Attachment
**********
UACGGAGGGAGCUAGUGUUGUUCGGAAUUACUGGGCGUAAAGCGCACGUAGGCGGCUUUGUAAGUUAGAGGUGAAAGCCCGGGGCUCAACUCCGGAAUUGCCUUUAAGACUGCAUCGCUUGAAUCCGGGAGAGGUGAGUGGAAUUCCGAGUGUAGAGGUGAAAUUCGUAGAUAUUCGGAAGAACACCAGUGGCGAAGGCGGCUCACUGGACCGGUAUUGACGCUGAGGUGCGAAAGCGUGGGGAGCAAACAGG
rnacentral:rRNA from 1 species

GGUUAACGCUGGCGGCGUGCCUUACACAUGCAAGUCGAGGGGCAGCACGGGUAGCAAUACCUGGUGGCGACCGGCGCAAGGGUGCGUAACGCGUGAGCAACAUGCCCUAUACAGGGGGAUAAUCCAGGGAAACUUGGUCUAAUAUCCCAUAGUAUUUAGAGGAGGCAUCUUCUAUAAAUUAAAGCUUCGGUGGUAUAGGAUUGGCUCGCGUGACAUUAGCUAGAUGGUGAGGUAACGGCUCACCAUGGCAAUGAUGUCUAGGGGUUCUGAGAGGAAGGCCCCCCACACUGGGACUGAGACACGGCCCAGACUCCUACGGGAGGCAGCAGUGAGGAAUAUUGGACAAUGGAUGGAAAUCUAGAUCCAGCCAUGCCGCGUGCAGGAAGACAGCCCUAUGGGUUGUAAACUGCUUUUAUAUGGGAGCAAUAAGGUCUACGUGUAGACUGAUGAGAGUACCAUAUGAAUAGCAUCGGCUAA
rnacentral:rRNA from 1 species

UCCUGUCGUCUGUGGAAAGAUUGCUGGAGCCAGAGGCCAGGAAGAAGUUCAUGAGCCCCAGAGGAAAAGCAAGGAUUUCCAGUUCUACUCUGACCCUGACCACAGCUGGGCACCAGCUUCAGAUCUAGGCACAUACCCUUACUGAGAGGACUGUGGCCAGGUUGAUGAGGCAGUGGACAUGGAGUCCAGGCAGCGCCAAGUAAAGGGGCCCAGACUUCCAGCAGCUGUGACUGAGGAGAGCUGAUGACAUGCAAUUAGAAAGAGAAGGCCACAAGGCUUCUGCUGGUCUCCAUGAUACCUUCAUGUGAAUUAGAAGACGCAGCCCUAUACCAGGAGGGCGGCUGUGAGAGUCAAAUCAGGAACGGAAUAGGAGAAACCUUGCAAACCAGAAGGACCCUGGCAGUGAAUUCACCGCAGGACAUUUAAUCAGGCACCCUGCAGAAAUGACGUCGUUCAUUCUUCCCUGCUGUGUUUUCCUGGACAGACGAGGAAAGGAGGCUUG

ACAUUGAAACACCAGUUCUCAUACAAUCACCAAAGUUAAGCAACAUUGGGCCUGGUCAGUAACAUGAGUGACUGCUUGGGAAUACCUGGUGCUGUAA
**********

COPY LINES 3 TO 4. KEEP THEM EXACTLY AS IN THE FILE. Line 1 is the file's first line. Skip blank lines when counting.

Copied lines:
GGUUAACGCUGGCGGCGUGCCUUACACAUGCAAGUCGAGGGGCAGCACGGGUAGCAAUACCUGGUGGCGACCGGCGCAAGGGUGCGUAACGCGUGAGCAACAUGCCCUAUACAGGGGGAUAAUCCAGGGAAACUUGGUCUAAUAUCCCAUAGUAUUUAGAGGAGGCAUCUUCUAUAAAUUAAAGCUUCGGUGGUAUAGGAUUGGCUCGCGUGACAUUAGCUAGAUGGUGAGGUAACGGCUCACCAUGGCAAUGAUGUCUAGGGGUUCUGAGAGGAAGGCCCCCCACACUGGGACUGAGACACGGCCCAGACUCCUACGGGAGGCAGCAGUGAGGAAUAUUGGACAAUGGAUGGAAAUCUAGAUCCAGCCAUGCCGCGUGCAGGAAGACAGCCCUAUGGGUUGUAAACUGCUUUUAUAUGGGAGCAAUAAGGUCUACGUGUAGACUGAUGAGAGUACCAUAUGAAUAGCAUCGGCUAA
rnacentral:rRNA from 1 species